Shrinking bureaucracy, overhead, and infrastructure: Why this defense drawdown must be different for the Pentagon | AEI

By Mackenzie Eaglen

March 20, 2013

The sequester is set to take effect because politicians could not make a deal identifying alternative reductions elsewhere in the federal budget. This process will slash roughly $500 billion over the next nine years from the US Department of Defense (DoD) budget—on top of nearly $1 trillion in defense cuts since fiscal year 2010. This process continues the defense drawdown underway following America’s operations in the Middle East post-9/11. The difference between this drawdown and any other in recent history is that it is happening while tens of thousands of US forces are still in harm’s way in Afghanistan.

Although the scale of this defense drawdown seems similar to previous contractions, today’s defense budget looks little like those of years past. Cuts modeled on historic methods will not work. The Pentagon can no longer be content to raid modernization and readiness—its two favorite sources for savings—because these accounts, already stretched to the breaking point, will simply end up creating bigger bills that must be paid later.

Rather, the latest round of budget cuts provides an opportunity to tackle overdue and necessary changes and reforms. The sequester, combined with the numerous defense cuts of the past four years, must force a reckoning within DoD. Soon, the Pentagon will be left to either make the wrong cuts all over again and as a result undermine the president’s already weakened strategy, or tackle structural and long-term causes of budgetary growth and inefficiency.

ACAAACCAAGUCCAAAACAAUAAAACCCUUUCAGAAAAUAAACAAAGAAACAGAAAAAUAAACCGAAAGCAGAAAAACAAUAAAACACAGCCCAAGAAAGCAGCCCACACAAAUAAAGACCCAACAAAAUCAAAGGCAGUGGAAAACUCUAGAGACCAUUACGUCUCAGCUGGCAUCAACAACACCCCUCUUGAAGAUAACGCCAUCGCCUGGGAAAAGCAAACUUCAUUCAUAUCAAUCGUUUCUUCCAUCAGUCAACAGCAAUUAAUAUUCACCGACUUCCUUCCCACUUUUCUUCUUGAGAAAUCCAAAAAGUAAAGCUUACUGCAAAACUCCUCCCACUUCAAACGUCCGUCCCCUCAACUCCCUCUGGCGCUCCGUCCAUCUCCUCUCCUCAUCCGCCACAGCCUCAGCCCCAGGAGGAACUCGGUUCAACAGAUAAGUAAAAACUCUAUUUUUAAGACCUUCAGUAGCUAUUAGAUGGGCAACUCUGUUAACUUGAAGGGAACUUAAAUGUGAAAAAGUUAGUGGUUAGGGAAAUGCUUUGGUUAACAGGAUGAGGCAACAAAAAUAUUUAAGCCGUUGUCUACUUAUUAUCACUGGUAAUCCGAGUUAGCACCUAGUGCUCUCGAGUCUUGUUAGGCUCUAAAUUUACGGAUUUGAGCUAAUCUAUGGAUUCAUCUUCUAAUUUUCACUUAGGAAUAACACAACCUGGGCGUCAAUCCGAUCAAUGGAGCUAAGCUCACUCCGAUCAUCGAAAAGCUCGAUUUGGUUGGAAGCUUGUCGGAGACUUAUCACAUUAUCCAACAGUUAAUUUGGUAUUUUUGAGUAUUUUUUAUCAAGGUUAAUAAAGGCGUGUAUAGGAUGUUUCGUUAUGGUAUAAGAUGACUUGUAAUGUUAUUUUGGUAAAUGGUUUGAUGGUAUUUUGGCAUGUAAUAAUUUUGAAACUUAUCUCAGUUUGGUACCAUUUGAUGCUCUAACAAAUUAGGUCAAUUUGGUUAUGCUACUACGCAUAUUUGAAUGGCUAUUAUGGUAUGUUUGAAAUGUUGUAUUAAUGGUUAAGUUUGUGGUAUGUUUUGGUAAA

President Barack Obama has been reducing military capability, capacity, and budgets since entering office over four years ago. In 2010 and 2011, his Pentagon leaders directed cuts of over $400 billion in plans and programs with an emphasis on weapons systems—big and small. In 2012, the White House directed another $78 billion to be cut from the Pentagon’s request in the name of loosely identified efficiencies. The current fiscal year 2013 budget reflects the first round of the military’s share of $487 billion in cuts as part of the August 2011 Budget Control Act with Congress. Together, these efforts are approaching $1 trillion in cuts before sequestration fully becomes reality.

The result is that DoD has been drawing down, scaling back war plans, absorbing ever more efficiencies, canceling weapons systems, and reducing readiness for the past four years. These trends are not likely to fade any time soon.

But Pentagon officials cannot keep raiding the shrinking pots of modernization and readiness. Not only does this cause long-term harm to the force, but the savings are also questionable and probably not even sufficient to make a long-term budgetary impact. Defense leaders must tackle problems years in the making that are often structural and do not have a quick fix. The ingredients for success will similarly require sustained leadership and follow-through. But the effort, if done right, will produce a smarter, right-sized force that has fewer layers of overhead and infrastructure. If budget trends reverse, new money can then be reinvested into deferred modernization and efforts to restore readiness.

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